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Is there any significant difference between:

from time import time
start = time()
# some process
print time() - start

and:

from timeit import timeit
def my_funct():
    # some process
print timeit(my_funct, number=1)

For an example, I'll use Project Euler 1 (because it's really easy to understand/solve)

def pE1test1(): # using time()
    from time import time
    start = time()
    print sum([n for n in range(1, 1000) if n%3==0 or n%5==0])
    print time() - start

def pE1test2(): # using timeit
    print sum([n for n in range(1, 1000) if n%3==0 or n%5==0])

from timeit import timeit
pE1test1()
print timeit(pE1test2, number=1)

This outputs:

>>> 
233168
0.0090000629425
233168
0.00513921300363

What is the major difference between timeit and time?

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2 Answers 2

up vote 6 down vote accepted

timeit will use the best available timing function on your system. See the docs on timeit.default_timer.

Also, timeit turns off the garbage collector.

Also, I believe you're using timeit wrong. You should be passing a string as per the last example in the documentation:

print timeit("pE1test2()","from __main__ import PE1test2",number=1)

And of course, another major difference is that timeit makes it trivial to time the execution of the function for thousands of iterations (which is the only time a timing result is meaningful). This decreases the importance of a single run taking longer than the others (e.g. due to your system resources being hogged by some other program).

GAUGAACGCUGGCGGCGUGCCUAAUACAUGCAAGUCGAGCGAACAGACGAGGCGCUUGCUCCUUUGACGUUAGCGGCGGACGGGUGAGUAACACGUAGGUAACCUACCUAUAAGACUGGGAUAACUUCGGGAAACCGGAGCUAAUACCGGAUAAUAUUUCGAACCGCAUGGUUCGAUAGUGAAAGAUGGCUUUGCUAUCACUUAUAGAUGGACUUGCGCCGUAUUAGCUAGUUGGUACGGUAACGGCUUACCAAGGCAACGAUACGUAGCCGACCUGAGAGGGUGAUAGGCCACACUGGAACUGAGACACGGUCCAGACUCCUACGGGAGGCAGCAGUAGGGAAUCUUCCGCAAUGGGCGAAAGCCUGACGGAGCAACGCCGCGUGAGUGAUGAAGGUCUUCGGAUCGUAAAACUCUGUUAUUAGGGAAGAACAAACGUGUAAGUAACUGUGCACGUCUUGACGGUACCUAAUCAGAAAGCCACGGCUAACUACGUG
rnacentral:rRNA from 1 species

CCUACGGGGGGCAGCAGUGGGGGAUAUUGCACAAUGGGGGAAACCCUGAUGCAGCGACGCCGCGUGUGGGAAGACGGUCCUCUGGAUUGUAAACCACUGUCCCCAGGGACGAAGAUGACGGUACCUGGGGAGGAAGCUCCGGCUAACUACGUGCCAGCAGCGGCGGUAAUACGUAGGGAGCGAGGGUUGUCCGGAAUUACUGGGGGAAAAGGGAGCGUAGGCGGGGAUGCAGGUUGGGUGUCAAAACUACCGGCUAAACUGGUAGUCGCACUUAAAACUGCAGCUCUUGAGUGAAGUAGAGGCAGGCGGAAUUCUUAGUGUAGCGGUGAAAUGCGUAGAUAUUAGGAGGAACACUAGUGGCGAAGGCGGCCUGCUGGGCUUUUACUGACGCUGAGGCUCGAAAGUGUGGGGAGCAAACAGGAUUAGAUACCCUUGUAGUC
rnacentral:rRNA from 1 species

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And while we're at it, you probably shouldn't pass number=1. Higher numbers likely give better results, as they amortize over anything that causes variance in runtime (context switches, unrelated processes hogging resources, weird stuff happening at C level, some library hitting that one operation where a huge array has to be copied, etc.). –  delnan Feb 1 '13 at 16:30
    
@delnan -- Yes, of course that's true -- I've never before seen someone try to time the execution of a function without any repetitions. I was merely trying to explain the differences between timeit and time in the context requested by the OP. –  mgilson Feb 1 '13 at 16:32
    
Yeah, I'm not so much complaining about your answer (which was fine, really) than give OP food for thought. –  delnan Feb 1 '13 at 16:42

The purposes of the two modules are very different.

The time module provides low-level access to various time/date functions provided by the underlying system.

The timeit module is specifically for running performance tests.

As you point out, you can do simple timing using the functions in time, but there are a number of common pitfalls that people fall into when trying to do performance testing. timeit tries to mitigate those in order to get repeatable numbers that can be sensibly compared.

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